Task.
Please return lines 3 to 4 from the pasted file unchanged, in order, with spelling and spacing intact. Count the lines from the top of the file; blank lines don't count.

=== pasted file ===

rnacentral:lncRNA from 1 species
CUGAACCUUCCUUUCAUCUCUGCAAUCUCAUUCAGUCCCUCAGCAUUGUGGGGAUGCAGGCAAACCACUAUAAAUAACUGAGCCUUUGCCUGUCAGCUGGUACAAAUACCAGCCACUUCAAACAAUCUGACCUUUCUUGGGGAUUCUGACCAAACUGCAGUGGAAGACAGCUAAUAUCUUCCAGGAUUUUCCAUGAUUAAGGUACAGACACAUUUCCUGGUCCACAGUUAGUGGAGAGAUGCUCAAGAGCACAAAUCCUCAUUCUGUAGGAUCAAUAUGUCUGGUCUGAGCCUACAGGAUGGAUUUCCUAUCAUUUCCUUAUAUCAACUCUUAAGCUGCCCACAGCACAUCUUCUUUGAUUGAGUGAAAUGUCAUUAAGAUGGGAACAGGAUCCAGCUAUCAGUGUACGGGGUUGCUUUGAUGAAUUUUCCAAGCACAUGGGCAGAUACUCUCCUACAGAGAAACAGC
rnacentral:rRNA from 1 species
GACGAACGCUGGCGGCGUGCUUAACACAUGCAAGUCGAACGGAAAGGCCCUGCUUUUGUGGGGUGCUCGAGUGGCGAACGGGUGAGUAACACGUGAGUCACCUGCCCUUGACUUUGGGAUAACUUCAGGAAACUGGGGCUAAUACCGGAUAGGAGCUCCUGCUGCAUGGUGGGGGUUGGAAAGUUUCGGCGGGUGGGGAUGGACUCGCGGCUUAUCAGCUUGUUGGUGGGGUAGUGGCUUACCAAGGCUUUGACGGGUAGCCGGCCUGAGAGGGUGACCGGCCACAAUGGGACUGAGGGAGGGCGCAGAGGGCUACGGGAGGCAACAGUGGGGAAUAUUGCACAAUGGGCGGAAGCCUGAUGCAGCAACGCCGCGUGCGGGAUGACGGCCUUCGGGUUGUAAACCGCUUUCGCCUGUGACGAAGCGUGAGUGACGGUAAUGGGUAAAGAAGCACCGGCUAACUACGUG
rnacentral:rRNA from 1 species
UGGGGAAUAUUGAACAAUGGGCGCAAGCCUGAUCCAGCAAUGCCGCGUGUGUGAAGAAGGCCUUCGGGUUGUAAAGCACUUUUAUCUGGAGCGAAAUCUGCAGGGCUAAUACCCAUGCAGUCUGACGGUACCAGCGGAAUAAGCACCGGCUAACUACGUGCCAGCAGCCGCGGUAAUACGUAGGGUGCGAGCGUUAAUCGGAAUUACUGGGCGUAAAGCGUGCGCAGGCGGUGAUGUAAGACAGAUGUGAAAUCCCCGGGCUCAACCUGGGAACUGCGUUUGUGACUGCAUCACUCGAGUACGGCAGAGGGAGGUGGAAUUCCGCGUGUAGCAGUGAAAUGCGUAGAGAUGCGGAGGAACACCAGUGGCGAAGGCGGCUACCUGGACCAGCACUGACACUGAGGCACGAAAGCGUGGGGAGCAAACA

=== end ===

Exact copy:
rnacentral:rRNA from 1 species
GACGAACGCUGGCGGCGUGCUUAACACAUGCAAGUCGAACGGAAAGGCCCUGCUUUUGUGGGGUGCUCGAGUGGCGAACGGGUGAGUAACACGUGAGUCACCUGCCCUUGACUUUGGGAUAACUUCAGGAAACUGGGGCUAAUACCGGAUAGGAGCUCCUGCUGCAUGGUGGGGGUUGGAAAGUUUCGGCGGGUGGGGAUGGACUCGCGGCUUAUCAGCUUGUUGGUGGGGUAGUGGCUUACCAAGGCUUUGACGGGUAGCCGGCCUGAGAGGGUGACCGGCCACAAUGGGACUGAGGGAGGGCGCAGAGGGCUACGGGAGGCAACAGUGGGGAAUAUUGCACAAUGGGCGGAAGCCUGAUGCAGCAACGCCGCGUGCGGGAUGACGGCCUUCGGGUUGUAAACCGCUUUCGCCUGUGACGAAGCGUGAGUGACGGUAAUGGGUAAAGAAGCACCGGCUAACUACGUG